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PHILIPPINE SUPREME COURT DECISIONS

EN BANC

[G.R. No. 1338. November 7, 1903. ]

THE UNITED STATES, Complainant-Appellee, v. JULIAN SANTOS, ET AL., Defendants-Appellants.

Julian Gerona for Appellants.

Solicitor-General Araneta for Appellee.

SYLLABUS


1. CRIMINAL LAW; MURDER; AGGRAVATING CIRCUMSTANCES; EVIDENT PREMEDITATION. — A member of a band of brigands or insurgents, organized upon a military basis, who by command of his superior officer in said band kills a bound and helpless prisoner in guilty of murder committed with alevosia, but his criminal responsibility can not be augmented by reason of the fact that his superior and coprincipal acted with known premeditation.


D E C I S I O N


WILLARD, J.:


The evidence shows that in October, 1902, the defendant Santos was in the command of a band of so-called Katipunan soldiers who were operating in the Provinces of Rizal and Bulacan. His soldiers had captured Tomas Testa, the president of the pueblo of Meycauayan, and his brother Francisco Testa. They were kept in confinement for three days, then taken from the cuartel, carried to a place called Caingin, and there executed by the defendants Alejo Ceneta and Santiago Juan, in the presence of Santos and by his orders, he handing to Santiago Juan the dagger with which the latter killed Tomas. There is no doubt as to the guilt of the two defendants.

The deceased were bound at the time they were killed. This shows the existence of the qualifying circumstances of alevosia and raises the offense to the crime of asesinato. As to Julian Santos, there existed also the aggravating circumstance of known premeditation. The case as to this circumstance, with reference to Santos, is fully covered by the case of the United States v. Ricafor, decided March 19, 1902. 1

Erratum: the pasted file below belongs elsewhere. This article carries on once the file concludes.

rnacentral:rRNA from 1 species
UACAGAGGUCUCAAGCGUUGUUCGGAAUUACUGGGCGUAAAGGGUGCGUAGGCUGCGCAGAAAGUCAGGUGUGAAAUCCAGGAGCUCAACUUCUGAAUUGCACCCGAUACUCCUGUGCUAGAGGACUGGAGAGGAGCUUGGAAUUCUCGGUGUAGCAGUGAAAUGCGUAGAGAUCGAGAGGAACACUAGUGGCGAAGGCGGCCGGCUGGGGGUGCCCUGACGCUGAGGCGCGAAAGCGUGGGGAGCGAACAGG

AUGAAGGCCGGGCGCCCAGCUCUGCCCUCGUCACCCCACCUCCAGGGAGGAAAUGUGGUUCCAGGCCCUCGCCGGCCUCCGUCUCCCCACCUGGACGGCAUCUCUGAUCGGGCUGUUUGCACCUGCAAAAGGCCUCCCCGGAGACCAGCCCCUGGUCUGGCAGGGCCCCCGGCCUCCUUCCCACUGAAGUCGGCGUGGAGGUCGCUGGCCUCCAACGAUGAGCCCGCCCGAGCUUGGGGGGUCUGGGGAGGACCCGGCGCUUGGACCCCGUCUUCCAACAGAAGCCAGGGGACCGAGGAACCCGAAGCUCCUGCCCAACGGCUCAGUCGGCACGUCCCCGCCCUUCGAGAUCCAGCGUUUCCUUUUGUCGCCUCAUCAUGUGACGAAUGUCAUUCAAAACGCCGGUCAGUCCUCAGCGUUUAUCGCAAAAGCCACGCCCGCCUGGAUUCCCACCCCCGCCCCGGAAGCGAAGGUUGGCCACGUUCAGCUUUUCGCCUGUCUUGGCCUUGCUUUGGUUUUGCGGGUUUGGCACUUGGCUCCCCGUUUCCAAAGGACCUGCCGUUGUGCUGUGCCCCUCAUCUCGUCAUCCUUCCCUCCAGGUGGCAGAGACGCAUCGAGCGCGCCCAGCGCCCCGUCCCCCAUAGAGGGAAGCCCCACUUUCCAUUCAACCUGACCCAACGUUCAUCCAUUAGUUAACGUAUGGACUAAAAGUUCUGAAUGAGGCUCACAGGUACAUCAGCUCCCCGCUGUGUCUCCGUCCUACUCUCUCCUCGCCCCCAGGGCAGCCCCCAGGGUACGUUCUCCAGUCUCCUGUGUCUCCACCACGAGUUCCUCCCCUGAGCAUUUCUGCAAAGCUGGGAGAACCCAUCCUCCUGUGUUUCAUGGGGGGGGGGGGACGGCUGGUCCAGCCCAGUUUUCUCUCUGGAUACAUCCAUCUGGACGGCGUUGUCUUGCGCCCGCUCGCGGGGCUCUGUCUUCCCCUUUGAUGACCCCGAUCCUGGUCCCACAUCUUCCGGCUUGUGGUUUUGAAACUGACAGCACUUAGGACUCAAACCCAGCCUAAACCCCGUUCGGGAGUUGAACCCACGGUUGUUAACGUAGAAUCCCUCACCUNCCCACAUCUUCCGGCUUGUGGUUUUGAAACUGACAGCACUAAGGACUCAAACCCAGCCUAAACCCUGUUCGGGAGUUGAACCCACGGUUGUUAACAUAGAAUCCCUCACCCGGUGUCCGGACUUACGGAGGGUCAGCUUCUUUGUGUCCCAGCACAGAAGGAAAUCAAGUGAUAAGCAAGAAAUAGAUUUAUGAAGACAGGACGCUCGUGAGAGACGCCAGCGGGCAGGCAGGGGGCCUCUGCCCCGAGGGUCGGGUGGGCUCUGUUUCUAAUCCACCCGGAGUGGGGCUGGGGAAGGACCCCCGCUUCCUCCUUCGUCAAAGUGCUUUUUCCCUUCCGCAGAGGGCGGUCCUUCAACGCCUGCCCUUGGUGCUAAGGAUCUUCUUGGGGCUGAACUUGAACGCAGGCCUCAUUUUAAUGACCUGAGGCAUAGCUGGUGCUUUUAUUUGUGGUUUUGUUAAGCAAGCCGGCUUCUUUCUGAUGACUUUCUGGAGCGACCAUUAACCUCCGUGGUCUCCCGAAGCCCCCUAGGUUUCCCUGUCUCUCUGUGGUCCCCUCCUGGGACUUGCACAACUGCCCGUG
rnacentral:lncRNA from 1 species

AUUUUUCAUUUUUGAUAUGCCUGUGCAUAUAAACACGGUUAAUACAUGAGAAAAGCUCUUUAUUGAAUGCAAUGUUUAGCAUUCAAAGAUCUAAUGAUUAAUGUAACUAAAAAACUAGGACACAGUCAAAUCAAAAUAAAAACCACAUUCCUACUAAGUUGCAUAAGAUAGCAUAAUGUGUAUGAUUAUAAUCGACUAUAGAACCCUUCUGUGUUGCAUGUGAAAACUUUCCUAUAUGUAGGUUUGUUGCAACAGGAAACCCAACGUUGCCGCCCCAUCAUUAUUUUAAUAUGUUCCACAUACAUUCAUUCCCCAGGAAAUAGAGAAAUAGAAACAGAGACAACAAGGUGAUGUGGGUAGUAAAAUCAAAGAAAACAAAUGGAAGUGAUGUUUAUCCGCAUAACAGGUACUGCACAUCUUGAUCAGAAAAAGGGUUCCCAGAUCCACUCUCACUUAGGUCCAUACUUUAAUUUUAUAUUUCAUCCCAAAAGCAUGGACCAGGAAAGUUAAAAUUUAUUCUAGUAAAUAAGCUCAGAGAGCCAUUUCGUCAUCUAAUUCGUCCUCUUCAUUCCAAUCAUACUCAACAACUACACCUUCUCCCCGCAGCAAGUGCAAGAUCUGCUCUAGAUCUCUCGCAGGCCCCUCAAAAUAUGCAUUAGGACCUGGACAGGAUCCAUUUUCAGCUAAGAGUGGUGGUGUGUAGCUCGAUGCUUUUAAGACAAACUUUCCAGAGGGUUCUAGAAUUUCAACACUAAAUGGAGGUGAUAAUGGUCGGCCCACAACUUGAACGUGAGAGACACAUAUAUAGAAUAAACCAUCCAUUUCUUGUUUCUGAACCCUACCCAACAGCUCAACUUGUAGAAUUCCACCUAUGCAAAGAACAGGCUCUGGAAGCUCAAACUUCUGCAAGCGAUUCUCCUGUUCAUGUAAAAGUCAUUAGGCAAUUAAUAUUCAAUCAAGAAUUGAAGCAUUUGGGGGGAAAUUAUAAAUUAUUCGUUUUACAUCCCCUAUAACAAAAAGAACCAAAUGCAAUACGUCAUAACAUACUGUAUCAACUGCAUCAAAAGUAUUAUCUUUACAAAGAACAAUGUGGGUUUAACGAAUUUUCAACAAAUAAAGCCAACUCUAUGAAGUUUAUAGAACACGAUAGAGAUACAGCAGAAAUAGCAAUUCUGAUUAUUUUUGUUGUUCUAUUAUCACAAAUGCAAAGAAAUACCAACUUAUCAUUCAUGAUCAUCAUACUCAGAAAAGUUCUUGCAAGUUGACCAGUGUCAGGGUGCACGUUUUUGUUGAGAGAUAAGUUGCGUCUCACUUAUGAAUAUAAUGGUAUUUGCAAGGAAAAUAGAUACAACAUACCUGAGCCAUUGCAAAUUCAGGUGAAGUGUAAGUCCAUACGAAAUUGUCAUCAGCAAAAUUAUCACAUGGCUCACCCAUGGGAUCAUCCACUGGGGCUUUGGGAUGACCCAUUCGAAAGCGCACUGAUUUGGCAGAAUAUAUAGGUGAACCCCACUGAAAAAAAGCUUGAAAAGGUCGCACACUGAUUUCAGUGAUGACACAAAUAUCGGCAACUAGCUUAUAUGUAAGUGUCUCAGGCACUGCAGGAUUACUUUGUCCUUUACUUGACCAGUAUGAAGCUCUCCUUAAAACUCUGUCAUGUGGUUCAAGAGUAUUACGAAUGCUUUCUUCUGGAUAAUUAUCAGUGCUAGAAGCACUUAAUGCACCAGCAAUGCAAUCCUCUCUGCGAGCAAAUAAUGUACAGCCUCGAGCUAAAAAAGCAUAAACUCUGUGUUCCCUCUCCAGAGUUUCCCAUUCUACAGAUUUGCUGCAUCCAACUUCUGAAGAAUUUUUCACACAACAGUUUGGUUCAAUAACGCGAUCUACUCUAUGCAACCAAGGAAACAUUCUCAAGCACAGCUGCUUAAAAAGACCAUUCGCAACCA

The same can not, however, be said as to the other defendant. Article 79 of the Penal Code is as follows: "Aggravating or extenuating circumstances which consist in the moral disposition of the delinquent, or in his particular relations with the injured person, or any other personal cause, shall serve to increase or mitigate the responsibility solely of such principals or accessories as to whom these conditions exist.

"Those which consist in the material execution of the act or in the means employed for its commission shall serve to augment or mitigate the responsibility solely of those who had knowledge of such circumstances at the moment of the act or of their cooperation in the commission of the crime."cralaw virtua1aw library

The circumstance of "known premeditation" falls within the first paragraph of this article.

The evidence shows that this organization of Santos was of a military character. It appears that he was a general, one Vicente was his captain, and one Esteban was his lieutenant. Santiago Juan was, according to the defendant Santos himself, either a sergeant or a lieutenant. The witness Amando was a private soldier. Over 100 soldiers attended the execution. Under these circumstances, it can not be said that the defendant Alejo premeditated the death of the brothers Testa. He had no control over their fate. Being only a private soldier, subject to the orders of his general, he could not have known whether they were to be killed or pardoned until the moment of committing the act. As to him, the circumstance of known premeditation did not exist.

The judgment condemning Julian Santos to death is confirmed. The judgment as to Alejo Ceneta is reversed and he is convicted of the crime of asesinato, without any circumstances extenuating or aggravating, and sentenced to life imprisonment, with the costs of this instance against the appellants.

Arellano, C.J., Torres, Cooper, Mapa, McDonough and Johnson, JJ., concur.

Endnotes:



1. 1 Phil. Rep., 173.

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